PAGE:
MOUNTAIN VIEW (CBS SF) -- The National Transportation Safety Board is "unhappy with the release of investigative information by Tesla" after the company confirmed that the Model X involved in a deadly crash in Mountain View last month did in fact have automated driving activated, a NTSB spokesman said.
A vehicle using the semi-autonomous system crashed into a concrete lane divider in California last month, killing the driver.
NTSB spokesman Chris O'Neil said that while Tesla has been "extremely cooperative" in assisting with the vehicle data aspect of investigations involving their vehicles in the past, the NTSB expects parties involved in their investigations to inform them of releases before making information public.
The Tesla team posted in a blog post on Friday that in the moments before the collision, which happened on U.S. Highway 101 at 9:27 a.m. on March 23, Tesla's Autopilot system was engaged with adaptive cruise control follow-distance set to minimum.
"The driver had received several visual and one audible hands-on warning earlier in the drive and the driver's hands were not detected on the wheel for six seconds prior to the collision," the company said in their post. "The driver had about five seconds and 150 meters of unobstructed view of the concrete divider with the crushed crash attenuator, but the vehicle logs show that no action was taken."
Tesla had previously stated that the crash was made worse, fatally killing driver 38-year-old Walter "Wei" Huang of San Mateo, because the highway safety barrier designed to reduce the impact of hitting a concrete wall had previously been struck and was not repaired.
Tesla stood by their Autopilot feature in the blog post, saying that Autopilot still reduces automotive deaths.
"No one knows about the accidents that didn't happen, only the ones that did," the company said. "The consequences of the public not using Autopilot, because of an inaccurate belief that it is less safe, would be extremely severe."
Huang's family claims he had complained to the company about the car veering toward the freeway barrier in the past while on autopilot mode.
Tesla said they don't have records of that complaint and insisted Huang only brought up issues with the navigation system.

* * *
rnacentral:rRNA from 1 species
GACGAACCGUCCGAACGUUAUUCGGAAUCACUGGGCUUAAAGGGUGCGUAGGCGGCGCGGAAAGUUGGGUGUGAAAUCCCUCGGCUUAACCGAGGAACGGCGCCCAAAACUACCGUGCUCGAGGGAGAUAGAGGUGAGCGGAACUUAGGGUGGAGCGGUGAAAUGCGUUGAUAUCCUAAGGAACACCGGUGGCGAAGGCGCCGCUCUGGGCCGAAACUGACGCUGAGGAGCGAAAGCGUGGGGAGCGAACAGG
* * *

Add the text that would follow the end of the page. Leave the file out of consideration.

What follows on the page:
Tech analysts say it could indicate bigger problems within the company.
"Their credit has just been downgraded by Moody, their stock prices are falling, so all of these things are combining to give Tesla a real black eye right now," explained Russ Hancock with Joint Venture Silicon Valley.
Another issue: Tesla is recalling 123,000 Model S sedans made before April 2016 for potential problems with the power steering bolts.
"I actually don't think it's that big of a deal," said Hancock. "What is a big deal is this comes on the heels of so many other things that Tesla has been facing."
On Monday, Tesla's stock price dropped to the lowest it's been in almost a year.
Due to popular request of information on the last collision at the location, the California Highway Patrol's Redwood City-area office wrote on Twitter on Wednesday that the prior recorded crash was on March 12 around 10:30 p.m.
The NTSB spokesman said that the agency will work to determine the probable cause of the crash and provide an update in a preliminary report, which generally goes out within a few weeks of the completion of their field work.
"The uncoordinated release of investigative information can affect how other parties work with us in the future so we take each unauthorized release seriously," O'Neil said. "However, this release will not hinder our investigation."
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